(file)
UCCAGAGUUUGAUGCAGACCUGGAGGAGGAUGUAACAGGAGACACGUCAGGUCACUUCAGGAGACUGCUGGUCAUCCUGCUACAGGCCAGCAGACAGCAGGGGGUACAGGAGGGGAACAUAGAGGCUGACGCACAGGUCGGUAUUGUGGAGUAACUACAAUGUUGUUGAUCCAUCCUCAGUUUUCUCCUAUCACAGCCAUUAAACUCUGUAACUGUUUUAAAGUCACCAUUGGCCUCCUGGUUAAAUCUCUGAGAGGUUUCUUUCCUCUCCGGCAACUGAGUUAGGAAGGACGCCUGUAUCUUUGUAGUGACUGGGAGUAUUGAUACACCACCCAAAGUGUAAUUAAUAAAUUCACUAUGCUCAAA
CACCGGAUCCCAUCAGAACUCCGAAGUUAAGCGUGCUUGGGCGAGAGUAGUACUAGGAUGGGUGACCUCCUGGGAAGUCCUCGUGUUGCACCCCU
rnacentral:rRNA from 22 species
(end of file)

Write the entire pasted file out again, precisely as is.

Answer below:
UCCAGAGUUUGAUGCAGACCUGGAGGAGGAUGUAACAGGAGACACGUCAGGUCACUUCAGGAGACUGCUGGUCAUCCUGCUACAGGCCAGCAGACAGCAGGGGGUACAGGAGGGGAACAUAGAGGCUGACGCACAGGUCGGUAUUGUGGAGUAACUACAAUGUUGUUGAUCCAUCCUCAGUUUUCUCCUAUCACAGCCAUUAAACUCUGUAACUGUUUUAAAGUCACCAUUGGCCUCCUGGUUAAAUCUCUGAGAGGUUUCUUUCCUCUCCGGCAACUGAGUUAGGAAGGACGCCUGUAUCUUUGUAGUGACUGGGAGUAUUGAUACACCACCCAAAGUGUAAUUAAUAAAUUCACUAUGCUCAAA
CACCGGAUCCCAUCAGAACUCCGAAGUUAAGCGUGCUUGGGCGAGAGUAGUACUAGGAUGGGUGACCUCCUGGGAAGUCCUCGUGUUGCACCCCU
rnacentral:rRNA from 22 species